Membrane gas absorption (MGA) is one of the most attractive technologies among the osmotically driven membrane processes because of its configurational advantages with respect to the conventional absorption systems that use packed bed columns for different industrial applications. Nowadays, membrane gas absorption is used in industrial wastewater treatment, CO2 absorption from greenhouse gases, treatment of flue-gas and off-gas streams, which contain SO2, H2S, NH3 or HCl, upgrading and desulphurization of biogas from anaerobic digesters and landfills and acid gas removal of natural gas and olefin-paraffin separation in the petrochemical industry, among other applications. In this framework, the advantages of membrane gas absorption over packed bed processes are related to the decreasing of installation surface requirements through compact process design and easy operation modes. These aspects will increase the applications of these types of processes in the mid-term. Nevertheless, the main design criteria of this technology have been poorly addressed in the literature. This chapter summarizes the fundamental aspects of transport phenomena that drive these processes, as well as the main conceptual aspects, to propose a correct design through an overview of the current status of this technology and its potential applications, challenges and future trends.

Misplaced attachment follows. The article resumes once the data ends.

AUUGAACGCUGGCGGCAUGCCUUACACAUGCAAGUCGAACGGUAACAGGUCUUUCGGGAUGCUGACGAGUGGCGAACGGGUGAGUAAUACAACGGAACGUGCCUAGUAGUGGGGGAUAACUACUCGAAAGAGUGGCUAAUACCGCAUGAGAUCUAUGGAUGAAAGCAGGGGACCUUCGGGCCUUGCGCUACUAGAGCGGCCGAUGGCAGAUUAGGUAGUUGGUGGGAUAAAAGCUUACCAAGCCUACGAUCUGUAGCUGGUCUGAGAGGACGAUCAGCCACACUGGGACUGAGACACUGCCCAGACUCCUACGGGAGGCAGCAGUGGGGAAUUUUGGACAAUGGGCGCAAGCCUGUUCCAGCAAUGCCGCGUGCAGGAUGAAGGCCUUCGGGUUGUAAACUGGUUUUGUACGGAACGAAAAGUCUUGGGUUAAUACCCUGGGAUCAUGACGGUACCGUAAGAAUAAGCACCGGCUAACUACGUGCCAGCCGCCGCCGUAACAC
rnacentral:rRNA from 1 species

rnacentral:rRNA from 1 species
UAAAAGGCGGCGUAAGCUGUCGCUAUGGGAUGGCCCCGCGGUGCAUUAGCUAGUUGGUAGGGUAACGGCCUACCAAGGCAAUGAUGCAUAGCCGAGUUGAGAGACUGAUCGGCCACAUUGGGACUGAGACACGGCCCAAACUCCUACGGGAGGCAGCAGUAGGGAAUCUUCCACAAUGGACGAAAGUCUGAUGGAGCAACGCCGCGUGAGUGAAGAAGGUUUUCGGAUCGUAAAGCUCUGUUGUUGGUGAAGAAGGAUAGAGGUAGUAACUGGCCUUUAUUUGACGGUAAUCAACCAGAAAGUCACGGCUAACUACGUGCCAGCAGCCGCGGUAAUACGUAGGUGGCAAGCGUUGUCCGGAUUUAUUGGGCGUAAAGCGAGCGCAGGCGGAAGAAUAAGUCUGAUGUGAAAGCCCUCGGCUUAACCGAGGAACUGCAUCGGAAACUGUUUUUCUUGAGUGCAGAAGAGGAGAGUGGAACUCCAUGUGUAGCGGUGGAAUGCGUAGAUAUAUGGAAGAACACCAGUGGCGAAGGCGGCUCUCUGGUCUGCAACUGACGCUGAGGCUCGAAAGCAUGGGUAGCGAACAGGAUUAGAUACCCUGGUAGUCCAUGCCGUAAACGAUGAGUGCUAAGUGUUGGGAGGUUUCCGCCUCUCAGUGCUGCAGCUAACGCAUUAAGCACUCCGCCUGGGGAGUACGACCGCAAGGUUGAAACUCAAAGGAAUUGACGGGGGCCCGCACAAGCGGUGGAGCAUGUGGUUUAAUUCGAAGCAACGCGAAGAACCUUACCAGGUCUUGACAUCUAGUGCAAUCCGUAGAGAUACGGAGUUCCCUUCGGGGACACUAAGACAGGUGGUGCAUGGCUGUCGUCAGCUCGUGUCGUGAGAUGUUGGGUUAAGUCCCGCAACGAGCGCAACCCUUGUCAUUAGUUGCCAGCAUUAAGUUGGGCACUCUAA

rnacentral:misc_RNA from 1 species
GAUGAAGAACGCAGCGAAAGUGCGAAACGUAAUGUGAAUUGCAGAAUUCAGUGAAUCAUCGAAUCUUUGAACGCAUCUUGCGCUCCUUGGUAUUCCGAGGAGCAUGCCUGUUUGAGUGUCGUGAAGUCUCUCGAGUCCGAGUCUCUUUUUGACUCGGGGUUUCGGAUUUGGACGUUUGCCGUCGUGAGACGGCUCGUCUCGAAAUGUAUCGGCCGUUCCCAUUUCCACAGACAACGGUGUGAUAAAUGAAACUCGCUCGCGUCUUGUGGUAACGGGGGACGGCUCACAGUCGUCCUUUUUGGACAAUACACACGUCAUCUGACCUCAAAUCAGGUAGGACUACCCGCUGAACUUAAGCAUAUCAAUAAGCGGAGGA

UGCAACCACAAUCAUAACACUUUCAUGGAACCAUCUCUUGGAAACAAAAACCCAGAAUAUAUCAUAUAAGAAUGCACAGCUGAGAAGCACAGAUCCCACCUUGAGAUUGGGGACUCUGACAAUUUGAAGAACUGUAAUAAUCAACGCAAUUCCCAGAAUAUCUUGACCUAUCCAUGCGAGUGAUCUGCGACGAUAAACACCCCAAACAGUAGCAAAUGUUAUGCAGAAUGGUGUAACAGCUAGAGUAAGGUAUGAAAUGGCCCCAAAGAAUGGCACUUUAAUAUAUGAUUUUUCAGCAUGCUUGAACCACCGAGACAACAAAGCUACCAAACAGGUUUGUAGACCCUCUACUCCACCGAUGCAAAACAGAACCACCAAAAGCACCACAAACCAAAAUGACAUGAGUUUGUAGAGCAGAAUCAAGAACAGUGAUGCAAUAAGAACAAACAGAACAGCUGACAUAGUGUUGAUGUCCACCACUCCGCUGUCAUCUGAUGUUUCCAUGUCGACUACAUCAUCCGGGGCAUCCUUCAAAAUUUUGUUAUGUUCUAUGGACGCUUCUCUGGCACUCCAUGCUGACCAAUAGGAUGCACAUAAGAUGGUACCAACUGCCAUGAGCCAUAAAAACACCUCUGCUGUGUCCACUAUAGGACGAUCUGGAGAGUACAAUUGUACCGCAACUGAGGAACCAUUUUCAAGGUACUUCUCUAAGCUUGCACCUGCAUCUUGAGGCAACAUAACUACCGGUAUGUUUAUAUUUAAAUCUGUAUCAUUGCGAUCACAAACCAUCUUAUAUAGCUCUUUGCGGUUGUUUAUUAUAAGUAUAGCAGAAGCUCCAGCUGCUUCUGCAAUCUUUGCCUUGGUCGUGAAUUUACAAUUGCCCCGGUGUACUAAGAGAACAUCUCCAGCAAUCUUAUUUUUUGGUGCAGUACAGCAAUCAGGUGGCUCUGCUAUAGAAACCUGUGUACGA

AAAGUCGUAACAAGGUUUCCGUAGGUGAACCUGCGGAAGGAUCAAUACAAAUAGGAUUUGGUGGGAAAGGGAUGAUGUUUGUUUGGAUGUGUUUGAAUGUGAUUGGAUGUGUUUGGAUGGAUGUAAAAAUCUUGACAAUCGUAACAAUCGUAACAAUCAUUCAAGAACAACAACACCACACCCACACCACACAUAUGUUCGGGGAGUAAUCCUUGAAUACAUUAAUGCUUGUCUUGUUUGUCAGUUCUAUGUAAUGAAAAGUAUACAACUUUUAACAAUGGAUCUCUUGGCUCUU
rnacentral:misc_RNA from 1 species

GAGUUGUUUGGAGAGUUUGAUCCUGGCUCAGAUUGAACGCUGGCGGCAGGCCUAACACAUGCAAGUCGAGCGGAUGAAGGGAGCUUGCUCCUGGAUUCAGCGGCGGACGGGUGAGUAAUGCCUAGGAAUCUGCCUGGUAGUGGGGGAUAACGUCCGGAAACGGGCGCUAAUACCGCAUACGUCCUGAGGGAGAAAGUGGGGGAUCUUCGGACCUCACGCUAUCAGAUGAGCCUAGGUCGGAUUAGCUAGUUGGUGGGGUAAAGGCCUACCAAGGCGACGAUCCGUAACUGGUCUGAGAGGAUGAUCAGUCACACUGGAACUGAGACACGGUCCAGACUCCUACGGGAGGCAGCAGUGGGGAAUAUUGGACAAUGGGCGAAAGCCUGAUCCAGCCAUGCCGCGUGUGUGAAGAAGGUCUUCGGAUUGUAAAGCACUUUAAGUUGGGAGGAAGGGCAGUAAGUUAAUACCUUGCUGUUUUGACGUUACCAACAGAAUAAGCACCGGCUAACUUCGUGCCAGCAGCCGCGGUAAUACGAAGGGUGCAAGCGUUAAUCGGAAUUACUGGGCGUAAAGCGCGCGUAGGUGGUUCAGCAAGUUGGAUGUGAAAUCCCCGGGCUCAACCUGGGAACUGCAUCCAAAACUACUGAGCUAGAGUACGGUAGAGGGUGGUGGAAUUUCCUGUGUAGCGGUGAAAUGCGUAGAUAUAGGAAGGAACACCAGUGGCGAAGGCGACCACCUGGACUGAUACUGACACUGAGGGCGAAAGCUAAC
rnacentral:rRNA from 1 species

Part of the book: Osmotically Driven Membrane Processes